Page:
• Charity Purchases and Auctions – Do You Get A Bigger Deduction Participating Online?

    19 September 2014
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    Americans are the most generous people in the world. According to Charity Navigator, “during 2013, total giving was more than $335 billion.”

    The internet is changing the landscape of most everything we do. The majority of Dagley & Co. clients come to us online and work with us remotely. That’s how, with an office in Washington, D.C., we have clients from all over the country and on four continents. The same is true for charity auctions. One of the premier online services for charity auctions is BiddingForGood. According to their website, they have raised over $248 million for non-profits and schools as of this writing.

    One thing that does not change – whether you attend one the various philanthropy events in Washington, D.C., in your city, or participate online – is the tax deductibility and documentation requirements.

    When a charity sells or auctions of property or services at a price in excess of value these are referred to as “quid pro quo” contributions or dual payments made that consist partly of a charitable gift and partly of consideration for goods or services provided to the donor.

    Quid pro quo in Latin is “something for something.” When used in the context of charitable contributions, quid pro quo contributions typically include the purchase of tickets for sightseeing tours, all-expense-paid trips, theatrical or concert performances, books or subscriptions to magazines, stationery, candy, and more. They are sold with a generous mark-up that is designed to help the charity in performing its functions. In these cases, the charitable deduction is the excess of the payment over the value received by the purchaser-contributor. For instance, when tickets to a show are purchased from a charity at a price in excess of the normal admission charge, the excess over the latter (plus tax) is a charitable contribution.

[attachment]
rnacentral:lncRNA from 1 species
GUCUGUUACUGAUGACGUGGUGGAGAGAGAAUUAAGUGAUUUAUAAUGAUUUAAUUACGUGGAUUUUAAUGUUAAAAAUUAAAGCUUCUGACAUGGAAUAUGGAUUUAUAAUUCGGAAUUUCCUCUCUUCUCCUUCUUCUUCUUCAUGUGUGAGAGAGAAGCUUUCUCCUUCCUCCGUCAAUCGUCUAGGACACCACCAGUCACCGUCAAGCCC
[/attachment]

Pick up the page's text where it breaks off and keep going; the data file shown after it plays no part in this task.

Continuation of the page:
Determining and documenting the amount of the purchase that represents the charitable portion is the key to being able to take a charitable tax deduction for quid pro quo purchases. Tax law requires charitable organizations that receive a quid pro quo contribution in excess of $75 to provide a written statement, in connection with soliciting or receiving the contribution, that informs the donor that the amount of the contribution that is deductible for federal income tax purposes is limited to the amount of the purchase that is in excess of the value of the property or service purchased and a good-faith estimate of the value of the goods or services purchased.

    How much should you get written off your taxes in exchange for an online or in-person donation? 

    • Example #1A taxpayer purchases a cookbook from a charity for $100. The charity provides the taxpayer with a good faith estimate of $20 for the value of the book in a written disclosure statement. Thus, the taxpayer’s charitable deduction is $80 ($100 minus the $20 value of the book).
    • Example #2A taxpayer attends a charity auction. The charity provides a catalog of the items for auction and a good-faith estimate of the value of each item. The taxpayer is the successful bidder for a vase valued at $100 in the catalog, for which the taxpayer bid and paid $500. The taxpayer’s charitable deduction is $400 ($500 minus the good-faith valuation of $100).
    • Example #3A taxpayer pays $40 to see a special showing of a movie for the benefit of a qualified charity. The ticket reads “Contribution $40.” If the regular price for the movie is $10, the contribution would be $30 ($40 minus the regular $10 ticket price).

    In short, the value of your donation and its good-faith estimate has an affect on your deduction, not your online vs. in-person participation. So don’t forget to keep good records and the required documentation when you give to your favorite charity and causes close to your heart and provide them to Dagley & Co. so that we can maximize your deductions and minimize your taxes. And if you can’t make it to your favorite charity auction and participate this year, consider going online so that you too can make a difference and still get the tax deduction.

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